12 Accessories I Need to Run With My Baby

A parent's guide to running with a stroller.

12 Accessories I Need to Run With My Baby

Are you a runner trying to get back into the groove of things after giving birth? We've got good news for you, mama! Running is actually one of the best forms of exercise for moms. Sure, running is considered high impact, and your body needs time to recover from pregnancy and delivery. So you need to take it slow. But once you have your doctor's okay, going on a run can be beneficial for both you and baby. Not only is it a great way to get stronger and lose the extra baby weight, it will also give you the opportunity to bond even more with you baby. Plus, you'll both get some well-deserved fresh air.


But wait, before you hit the pavement, you need to prep and equip yourself with the right gear. Here are 11 accessories you need to run with a baby in tow.

1. Bugaboo Running Stroller. The number-one gear you need to run with baby is a good running stroller. This Bugaboo jogger was designed with active parents in mind. It has a fixed front wheel, a hand brake and a basket that has a strap to keep your stuff from bouncing out while you are on the go. And in true Bugaboo fashion, you can have the seat facing you. $815, buy here.

2. Saucony running shoes. Running shoes are next on your to-buy list, and Saucony is one of the best brands for running sneakers. Their shoes provide great support without the added bulk. If you want to know what style is best for you, head to a JackRabbit store to test drive sneakers while on a treadmill. $120, buy here.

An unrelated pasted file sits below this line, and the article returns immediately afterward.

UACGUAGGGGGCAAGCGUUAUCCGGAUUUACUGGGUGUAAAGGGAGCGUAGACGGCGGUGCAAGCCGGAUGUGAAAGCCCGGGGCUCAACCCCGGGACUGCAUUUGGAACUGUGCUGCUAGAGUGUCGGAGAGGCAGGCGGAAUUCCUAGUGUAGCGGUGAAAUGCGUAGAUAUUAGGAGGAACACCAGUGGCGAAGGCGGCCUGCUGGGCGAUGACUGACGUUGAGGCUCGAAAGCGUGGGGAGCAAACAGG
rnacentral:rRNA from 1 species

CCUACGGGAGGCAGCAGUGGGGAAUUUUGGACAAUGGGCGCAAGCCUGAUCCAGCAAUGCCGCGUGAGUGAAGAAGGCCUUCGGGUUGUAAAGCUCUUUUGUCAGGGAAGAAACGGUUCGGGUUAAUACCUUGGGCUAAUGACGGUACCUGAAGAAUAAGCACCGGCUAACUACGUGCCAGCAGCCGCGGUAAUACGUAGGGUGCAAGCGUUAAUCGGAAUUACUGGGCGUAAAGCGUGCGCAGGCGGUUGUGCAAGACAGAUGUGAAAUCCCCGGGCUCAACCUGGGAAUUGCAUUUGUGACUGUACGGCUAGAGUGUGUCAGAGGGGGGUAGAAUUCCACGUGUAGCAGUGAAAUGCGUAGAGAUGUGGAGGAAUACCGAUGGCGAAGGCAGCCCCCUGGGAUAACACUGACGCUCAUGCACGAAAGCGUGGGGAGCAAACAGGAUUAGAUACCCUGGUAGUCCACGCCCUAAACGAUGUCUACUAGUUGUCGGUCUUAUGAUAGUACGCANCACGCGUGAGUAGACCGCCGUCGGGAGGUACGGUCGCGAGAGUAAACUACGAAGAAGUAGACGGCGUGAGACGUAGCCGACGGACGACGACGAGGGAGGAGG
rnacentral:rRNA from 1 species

3. Style Reform high-performance leggings. We all need a good pair of bottoms, so check out these Style Reform leggings that are quick-drying and stylish all at once. Bonus: You can personalize and customize yours so that it's an original piece! $65, buy here.

4. Yurbud Wireless headphones. Wireless headphones are all the craze these days. Who wants to deal with long wires amongst everything else around? All you have to do is connect them to your iPhone via bluetooth and let the music motivate you to keep on running. $44.86, buy here.

5. Amici Accessories Belt Bag. A belt bag is a good way to carry your essentials, especially if the weather is warmer and you aren't wearing layers. $25, buy here.

6. OXO Tot Stroller Hook. Heading to the grocery store after your run? Be prepare and accessorize your stroller with a stroller hook -- perfect to hang bags so you can keep on strolling, hand free. $7.99, buy here.

7. Baby Buddy Secure-A-Toy. If your little one is getting restless, snag one of these so that you can attach a couple of his/her favorite toys to play with or even a pacifier while you're on your run. $3.99, buy here.

8. Choopie Grips Single Bar Cover. If you feel like the grip on the stroller causes friction on your palms, these grips can give you the cushion you need. Plus, they keep the stroller cleaner and will add a little style to your run. Bonus: machine washable! $14.99, buy here.

9. iFrogz tadpole active bluetooth speaker. Need to play some tunes for your little one? Grab this speaker and sync with your phone so that your baby can relax, sleep, or calm down while you're on the move. $9, buy here.

10. Bugaboo smartphone holder. Keeping your smartphone loose while running is not ideal. This holder helps secure your phone to your stroller so that you don't have to deal with carrying or wearing it. $34.95, buy here.